The three organizers of Occupy Central with Love and Peace have recently received the Ice Bucket Challenge requests from some pro-establishment Councillors. We appreciate its achievements of the IBC in raising public awareness on amyotrophic lateral sclerosis (ALS). However, we think that there are many more problems in our society that have not gained the support they deserve. The best way to promote love and peace is to encourage the general public to support organizations that foster public welfare. Therefore, we’d like to respond the requests with a donation of HKD 3000 to Amnesty International to support prisoners of conscience and to let the world see that justice can be served.
Occupy Central with Love and Peace Conveners
Benny Tai Yiu-ting, Chan Kin-man, Rev. Chu Yiu-ming
Hilary Wong | 25 August 2014 | The Standard
About 600 pan-democrats and activists hiked to The Peak yesterday calling for genuine universal suffrage in the 2017 chief executive election.
Among those who showed up at the event organized by Occupy Central were stalwarts Martin Lee Chu-ming, Audrey Eu Yuet-mee, Alan Leong Kah-kit, Gary Fan Kwok-wai, Albert Ho Chun-yan and Emily Lau Wai-hing.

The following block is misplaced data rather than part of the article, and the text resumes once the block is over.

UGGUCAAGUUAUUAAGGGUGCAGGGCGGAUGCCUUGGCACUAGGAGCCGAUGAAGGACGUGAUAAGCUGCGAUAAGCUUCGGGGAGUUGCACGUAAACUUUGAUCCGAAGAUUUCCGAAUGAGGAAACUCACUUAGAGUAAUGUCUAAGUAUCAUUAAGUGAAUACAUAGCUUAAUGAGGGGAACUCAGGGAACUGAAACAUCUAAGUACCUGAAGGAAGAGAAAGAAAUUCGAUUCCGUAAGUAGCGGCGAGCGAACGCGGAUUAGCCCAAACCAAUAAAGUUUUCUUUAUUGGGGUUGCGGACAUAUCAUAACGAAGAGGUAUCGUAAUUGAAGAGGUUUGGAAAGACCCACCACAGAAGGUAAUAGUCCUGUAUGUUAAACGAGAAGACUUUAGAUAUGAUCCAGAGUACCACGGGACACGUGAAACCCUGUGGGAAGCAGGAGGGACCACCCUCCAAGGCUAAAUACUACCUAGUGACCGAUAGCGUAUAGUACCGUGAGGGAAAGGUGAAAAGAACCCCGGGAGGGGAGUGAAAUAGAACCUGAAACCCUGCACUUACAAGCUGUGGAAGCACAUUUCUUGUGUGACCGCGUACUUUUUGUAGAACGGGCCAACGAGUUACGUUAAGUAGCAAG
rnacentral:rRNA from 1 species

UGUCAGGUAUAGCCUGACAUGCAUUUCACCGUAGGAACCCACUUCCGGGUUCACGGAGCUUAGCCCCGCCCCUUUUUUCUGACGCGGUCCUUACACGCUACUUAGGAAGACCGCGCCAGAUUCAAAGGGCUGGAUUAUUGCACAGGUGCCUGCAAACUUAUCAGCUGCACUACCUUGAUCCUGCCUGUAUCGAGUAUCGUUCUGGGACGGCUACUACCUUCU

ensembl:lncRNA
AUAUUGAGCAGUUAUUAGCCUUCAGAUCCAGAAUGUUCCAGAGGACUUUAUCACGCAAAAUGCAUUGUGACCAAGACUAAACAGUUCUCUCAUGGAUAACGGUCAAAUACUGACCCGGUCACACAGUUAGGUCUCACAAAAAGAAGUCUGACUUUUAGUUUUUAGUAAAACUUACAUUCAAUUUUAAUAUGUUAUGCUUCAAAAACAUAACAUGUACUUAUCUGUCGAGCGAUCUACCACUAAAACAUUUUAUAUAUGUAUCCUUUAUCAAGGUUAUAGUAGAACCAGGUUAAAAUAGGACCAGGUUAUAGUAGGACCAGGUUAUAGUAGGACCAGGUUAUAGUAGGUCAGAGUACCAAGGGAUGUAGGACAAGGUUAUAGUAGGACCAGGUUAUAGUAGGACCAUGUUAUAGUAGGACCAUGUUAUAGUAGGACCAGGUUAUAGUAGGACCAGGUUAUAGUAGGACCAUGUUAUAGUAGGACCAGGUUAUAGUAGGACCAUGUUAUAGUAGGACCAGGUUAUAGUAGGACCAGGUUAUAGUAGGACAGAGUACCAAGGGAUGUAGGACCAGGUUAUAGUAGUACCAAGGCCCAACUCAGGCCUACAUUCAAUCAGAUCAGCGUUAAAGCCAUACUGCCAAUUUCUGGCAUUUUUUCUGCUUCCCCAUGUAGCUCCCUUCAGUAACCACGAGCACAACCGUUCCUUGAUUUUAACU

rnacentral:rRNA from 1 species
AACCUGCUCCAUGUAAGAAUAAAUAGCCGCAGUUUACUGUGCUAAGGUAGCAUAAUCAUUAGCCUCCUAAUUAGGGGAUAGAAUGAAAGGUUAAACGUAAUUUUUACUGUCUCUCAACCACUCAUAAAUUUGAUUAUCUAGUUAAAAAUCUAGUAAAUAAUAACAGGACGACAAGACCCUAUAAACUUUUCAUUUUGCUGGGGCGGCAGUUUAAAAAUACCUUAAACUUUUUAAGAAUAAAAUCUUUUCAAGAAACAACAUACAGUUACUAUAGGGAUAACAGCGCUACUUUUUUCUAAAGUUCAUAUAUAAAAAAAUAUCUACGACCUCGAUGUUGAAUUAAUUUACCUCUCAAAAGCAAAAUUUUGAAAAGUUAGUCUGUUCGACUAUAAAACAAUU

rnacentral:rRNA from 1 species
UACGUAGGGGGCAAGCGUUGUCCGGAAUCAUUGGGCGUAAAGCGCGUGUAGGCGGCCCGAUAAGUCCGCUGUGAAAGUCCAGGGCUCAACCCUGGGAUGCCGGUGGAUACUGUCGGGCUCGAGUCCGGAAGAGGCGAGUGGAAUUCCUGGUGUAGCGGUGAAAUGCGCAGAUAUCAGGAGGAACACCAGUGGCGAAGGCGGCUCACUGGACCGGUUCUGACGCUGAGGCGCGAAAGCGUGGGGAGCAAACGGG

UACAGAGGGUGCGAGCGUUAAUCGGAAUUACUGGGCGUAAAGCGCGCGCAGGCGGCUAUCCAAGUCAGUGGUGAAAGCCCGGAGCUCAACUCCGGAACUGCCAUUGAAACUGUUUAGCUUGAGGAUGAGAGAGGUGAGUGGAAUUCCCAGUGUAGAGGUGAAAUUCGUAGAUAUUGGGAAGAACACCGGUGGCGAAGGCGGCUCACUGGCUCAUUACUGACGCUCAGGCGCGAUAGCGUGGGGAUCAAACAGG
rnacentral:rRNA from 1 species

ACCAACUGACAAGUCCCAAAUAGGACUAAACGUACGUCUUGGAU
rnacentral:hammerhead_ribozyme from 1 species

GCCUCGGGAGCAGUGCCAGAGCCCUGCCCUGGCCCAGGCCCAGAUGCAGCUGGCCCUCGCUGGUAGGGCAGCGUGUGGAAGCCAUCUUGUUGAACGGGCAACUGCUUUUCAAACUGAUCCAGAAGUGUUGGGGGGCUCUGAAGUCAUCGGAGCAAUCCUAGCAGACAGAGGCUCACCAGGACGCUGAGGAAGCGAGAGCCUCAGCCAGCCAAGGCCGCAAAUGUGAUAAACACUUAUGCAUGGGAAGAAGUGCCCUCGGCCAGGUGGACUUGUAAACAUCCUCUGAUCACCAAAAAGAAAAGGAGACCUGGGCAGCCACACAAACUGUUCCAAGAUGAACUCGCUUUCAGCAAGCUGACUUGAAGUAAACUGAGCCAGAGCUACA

Samuel Chan | 25 August 2014 | SCMP
The Occupy Central movement will plan “wave after wave of struggle” culminating in its blockade of the city centre if Hongkongers are denied a genuine choice of candidates in 2017.
Speaking at a hike for democracy that drew about 300 participants yesterday, Occupy founder Benny Tai Yiu-ting said core groups of the campaign as well as major student activist groups would meet to discuss their strategies next Sunday, immediately after Beijing announces its framework for universal suffrage in Hong Kong.
25 August 2014 | RTHK
Occupy Central organiser Benny Tai says his movement won’t carry out their full disobedience campaign if Beijing only rules out public nomination for the 2017 chief executive election.
The Standing Committee of the National People’s Congress is expected to make a decision next Sunday. Occupy Central has said it will peacefully block Hong Kong’s business district if Beijing doesn’t offer democracy which meets international standards.